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Rule 34 is an internet meme stating that for every topic or interest on the planet, there is pornographic content involving it. Rule 34 is a comment on the vast range of adult content available online, including content that is taboo or offbeat.
The meme considers traditional porn and modern online pornographic content including hentai, fan fiction, and slash fiction. Rule 34 is a noun, but it can also form a verb. If someone "Rule 34s" something or someone, they create porn about them.
Some people attribute the Rule 34 meme to webcomic artist Peter Morley-Souter. In 2003, he created a work showing his shock at a Calvin and Hobbes themed pornography. This work had the caption “Rule #34: There is porn of it. No exceptions.” Many modern sources citing the rule now omit the “No exceptions” portion. Morley-Souter stated he heard the term in an IRC chatroom.
In May 2007, a searchable online Rule 34 database, featuring Rule 34 images, launched on Paheal.net. This spawned several similar databases celebrating Rule 34.
That same year, popular webcomic xkcd released the comic “Rule 34.” It referenced the rule and unlikely sexual scenarios, including porn set on storm-chasing vans and porn involving homoerotic spelling bees.
In 2008, 4chan users began posting explicit porn parodies and comics demonstrating Rule 34. People requesting specific Rule 34 porn on the website coined a new term for their requested porn, rule 34, Pr0nz.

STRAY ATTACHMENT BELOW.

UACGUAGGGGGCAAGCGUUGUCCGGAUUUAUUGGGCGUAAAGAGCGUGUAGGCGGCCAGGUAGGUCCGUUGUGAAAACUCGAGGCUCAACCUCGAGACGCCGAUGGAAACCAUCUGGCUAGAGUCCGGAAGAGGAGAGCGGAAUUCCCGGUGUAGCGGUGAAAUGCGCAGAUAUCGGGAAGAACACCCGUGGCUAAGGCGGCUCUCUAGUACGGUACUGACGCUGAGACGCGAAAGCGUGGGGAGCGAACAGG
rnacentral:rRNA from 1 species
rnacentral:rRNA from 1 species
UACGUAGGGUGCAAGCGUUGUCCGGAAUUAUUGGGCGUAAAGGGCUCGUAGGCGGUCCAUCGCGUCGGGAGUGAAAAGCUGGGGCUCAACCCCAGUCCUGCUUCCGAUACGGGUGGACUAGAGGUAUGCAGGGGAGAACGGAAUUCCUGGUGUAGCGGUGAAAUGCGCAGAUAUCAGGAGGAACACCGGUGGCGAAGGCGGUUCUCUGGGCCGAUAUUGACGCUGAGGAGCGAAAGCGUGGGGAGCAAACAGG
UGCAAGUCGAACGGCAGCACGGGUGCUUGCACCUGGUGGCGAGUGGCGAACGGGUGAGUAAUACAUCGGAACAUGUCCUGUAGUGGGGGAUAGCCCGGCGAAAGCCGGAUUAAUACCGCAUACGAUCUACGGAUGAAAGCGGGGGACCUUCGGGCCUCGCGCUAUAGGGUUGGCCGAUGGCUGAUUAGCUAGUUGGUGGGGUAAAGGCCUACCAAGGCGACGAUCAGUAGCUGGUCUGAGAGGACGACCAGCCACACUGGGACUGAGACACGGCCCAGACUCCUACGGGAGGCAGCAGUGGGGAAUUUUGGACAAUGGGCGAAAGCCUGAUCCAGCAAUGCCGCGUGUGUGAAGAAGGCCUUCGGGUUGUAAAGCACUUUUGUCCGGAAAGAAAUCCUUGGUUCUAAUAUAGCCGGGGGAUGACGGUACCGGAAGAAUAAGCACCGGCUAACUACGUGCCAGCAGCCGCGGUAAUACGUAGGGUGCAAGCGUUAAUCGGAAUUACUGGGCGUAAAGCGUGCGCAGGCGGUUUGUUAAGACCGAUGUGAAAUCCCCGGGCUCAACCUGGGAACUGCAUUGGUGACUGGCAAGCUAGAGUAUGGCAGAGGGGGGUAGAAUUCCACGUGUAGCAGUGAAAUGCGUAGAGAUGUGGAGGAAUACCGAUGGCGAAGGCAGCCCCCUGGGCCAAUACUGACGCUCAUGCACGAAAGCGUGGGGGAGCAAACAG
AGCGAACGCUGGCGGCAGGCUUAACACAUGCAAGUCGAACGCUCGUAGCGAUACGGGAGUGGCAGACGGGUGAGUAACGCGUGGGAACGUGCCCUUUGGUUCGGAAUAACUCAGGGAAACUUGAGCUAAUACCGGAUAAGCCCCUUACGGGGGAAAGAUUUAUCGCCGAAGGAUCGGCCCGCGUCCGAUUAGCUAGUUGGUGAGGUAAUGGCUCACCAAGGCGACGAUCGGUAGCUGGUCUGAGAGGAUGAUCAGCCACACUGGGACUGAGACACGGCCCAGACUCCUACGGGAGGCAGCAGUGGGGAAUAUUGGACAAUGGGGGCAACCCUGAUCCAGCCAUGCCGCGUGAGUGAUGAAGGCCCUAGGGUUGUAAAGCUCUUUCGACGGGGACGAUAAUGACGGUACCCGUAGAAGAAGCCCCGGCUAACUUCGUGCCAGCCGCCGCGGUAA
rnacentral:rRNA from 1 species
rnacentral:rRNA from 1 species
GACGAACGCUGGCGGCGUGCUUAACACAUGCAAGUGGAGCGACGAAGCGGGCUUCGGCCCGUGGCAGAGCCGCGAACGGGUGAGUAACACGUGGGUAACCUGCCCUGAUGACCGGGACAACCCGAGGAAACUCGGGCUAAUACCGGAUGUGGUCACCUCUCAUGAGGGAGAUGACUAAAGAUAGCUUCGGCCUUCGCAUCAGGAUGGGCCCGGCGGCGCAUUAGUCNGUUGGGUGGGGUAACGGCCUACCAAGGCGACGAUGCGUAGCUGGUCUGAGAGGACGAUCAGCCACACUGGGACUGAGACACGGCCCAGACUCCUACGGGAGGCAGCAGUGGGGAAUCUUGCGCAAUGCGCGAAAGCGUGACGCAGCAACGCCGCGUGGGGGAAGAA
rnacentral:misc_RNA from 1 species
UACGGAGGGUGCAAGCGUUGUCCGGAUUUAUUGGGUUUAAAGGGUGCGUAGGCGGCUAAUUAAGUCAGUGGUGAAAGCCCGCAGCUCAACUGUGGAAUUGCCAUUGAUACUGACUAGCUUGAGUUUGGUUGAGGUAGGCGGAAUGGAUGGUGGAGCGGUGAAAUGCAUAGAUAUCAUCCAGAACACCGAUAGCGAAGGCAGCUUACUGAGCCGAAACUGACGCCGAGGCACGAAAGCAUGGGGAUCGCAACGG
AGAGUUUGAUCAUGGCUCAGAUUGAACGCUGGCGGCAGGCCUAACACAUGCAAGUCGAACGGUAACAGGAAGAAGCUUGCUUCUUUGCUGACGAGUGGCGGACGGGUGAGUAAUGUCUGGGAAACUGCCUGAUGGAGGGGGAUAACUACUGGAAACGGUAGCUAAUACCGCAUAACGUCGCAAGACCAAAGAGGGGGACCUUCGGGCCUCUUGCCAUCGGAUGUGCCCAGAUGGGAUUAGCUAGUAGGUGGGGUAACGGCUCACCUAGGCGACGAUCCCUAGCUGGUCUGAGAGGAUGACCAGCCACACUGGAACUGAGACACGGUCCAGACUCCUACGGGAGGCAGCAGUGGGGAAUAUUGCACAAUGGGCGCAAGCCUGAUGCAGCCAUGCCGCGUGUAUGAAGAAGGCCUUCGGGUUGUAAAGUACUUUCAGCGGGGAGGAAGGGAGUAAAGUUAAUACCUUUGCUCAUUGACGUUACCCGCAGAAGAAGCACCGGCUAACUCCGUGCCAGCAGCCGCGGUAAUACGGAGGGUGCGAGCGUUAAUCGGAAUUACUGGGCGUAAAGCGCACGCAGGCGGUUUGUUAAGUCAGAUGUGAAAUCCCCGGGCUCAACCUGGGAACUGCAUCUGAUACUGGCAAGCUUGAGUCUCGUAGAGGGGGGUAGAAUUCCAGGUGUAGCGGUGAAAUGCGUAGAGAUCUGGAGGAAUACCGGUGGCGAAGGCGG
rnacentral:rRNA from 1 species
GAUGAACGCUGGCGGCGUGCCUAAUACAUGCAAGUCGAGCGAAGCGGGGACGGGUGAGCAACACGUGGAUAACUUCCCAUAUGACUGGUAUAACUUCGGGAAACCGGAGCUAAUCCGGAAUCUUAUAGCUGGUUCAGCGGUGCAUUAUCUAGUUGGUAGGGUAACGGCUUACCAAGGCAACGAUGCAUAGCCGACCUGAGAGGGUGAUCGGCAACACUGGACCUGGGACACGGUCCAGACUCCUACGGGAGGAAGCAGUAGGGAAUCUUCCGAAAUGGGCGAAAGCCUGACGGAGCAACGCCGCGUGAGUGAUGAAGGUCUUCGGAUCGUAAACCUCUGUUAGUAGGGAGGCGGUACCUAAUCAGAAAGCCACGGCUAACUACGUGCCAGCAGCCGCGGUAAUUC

By 2009, Rule 34 had entered mainstream culture. The Daily Telegraph ranked Rule 34 number three on its list of top 10 internet rules. In 2011, the concept inspired Charles Stross’s acclaimed science fiction novel, also called “Rule 34.” By 2013, CNN called Rule 34 “likely the most famous” internet rule.
Rule 34 is usually expressed through fan art. These drawings and computer-generated artworks usually feature non-provocative subjects engaged in sexual acts. There are also explicit Rule 34 stories and videos.
Explicit cartoon images depicting children’s characters, pornographic works featuring fictional TV characters, and non-sexual images with sexual undercurrents, such as phallic carrots, are common fodder of Rule 34.
Rule 34 has spawned a drinking game. To play, groups of adults suggest strange ideas for porn, then search the internet to prove they fit Rule 34. When the group finds the relevant porn and Rule 34 proven, participants drink.
While some people enjoy playing with the concept of Rule 34, others feel confronted by it. Rule 34 is often referenced when people encounter porn or pornographic images they find disturbing or extreme.
Rule 34 persists because it seems true for anyone who spends time online. Seemingly innocent searches often uncover pornographic content. As human sexuality is diverse and the range of fetishes and sexual interests so broad, there also seems to be sexual content designed to appeal to almost everyone. Rule 34 is both an indictment of the weirdness of the world wide web, and also a celebration of the diversity of human sexuality.
While rule 34 is the most well-known online porn-related rule, a subsequent rule, called rule 35, has gained prominence. According to “Rules of the Internet,” published in 2006, rule 35 states “If no porn is found at the moment, it will be made.” In other words, if no porn currently exists about a topic, interest, or scenario, it is just a matter of time before it will.
Another similar rule, known as rule 63, states that every character has an opposite gender version. This rule manifests in a similar fashion to rule 34, with fan art depicting male- and female-gendered versions of the characters engaging in sexual acts.
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